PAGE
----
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A Guide to Arena Size and Letter Location

Updated: Apr 11, 2021

The letters around a dressage arena are used as markers for where to perform set moves during a test. Knowing the location and proximity of these markers will help you perform accurate movements enabling you to reach those high marks

Dressage as we we know it today originated from training of cavalry horses. The movements in the dressage test were designed to test the natural athleticism and trainability of the horse, skills which were necessary on the battlefield

As well as movements still seen today such as extended and collected gaits, flying changes and pirouettes, the original calvary dressage test involved jumping five obstacles, including a barrel rolled towards the horse. Imagine the scenes if that was reintroduced to the modern sport!

The letters around the arena are thought to come from the Imperial German Court. The markings around the walls indicated where each horse should be presented to await their rider

A Ausgang (Exit)

K Kaiser (Emperor)

F Furst (Prince)

P Pferdeknecht (Groom)

V Vassal (Squire)

E Edeling (Honoured Guest)

B Bannertrager (Standard Bearer)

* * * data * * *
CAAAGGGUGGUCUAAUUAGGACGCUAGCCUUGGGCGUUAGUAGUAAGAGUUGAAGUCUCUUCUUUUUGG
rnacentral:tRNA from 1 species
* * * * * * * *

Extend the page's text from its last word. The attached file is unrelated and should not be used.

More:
S Schatzkanzler (Chancellor of the Exchequer)

R Ritter (Knight)

M Meier (Steward)

H Hofsmarshall (Lord Chancellor)

There are two standard size arenas used for dressage tests; Short Arena and Long Arena. Eventing dressage follows the same size and layout as pure dressage

Short Arena

20m x 40m

Short arena dressage tests are used at Prelim, Novice and some Elementary level

Short arena eventing dressage tests are used at BE90, BE100, and some Novice level

Unaffiliated events will likely use a short arena unless the test states otherwise

Long Arena

20m x 60m

Long arena tests can be used from Prelim level upwards in dressage and from BE90 upwards in eventing

At the lower levels, long arena tests are usually reserved for the latter stages of the level or for championships

Unaffiliated shows may use long arena tests at their discretion

There are many mnemonics used to help riders remember the location of the markers

All King Edward's Horses Can Make Big Fences is a common one taught to riders learning in a short arena

I actually find that you just get used to where the letters are after a while, although I can still find myself mixing up my Ks and Ms or my Ds and Gs!

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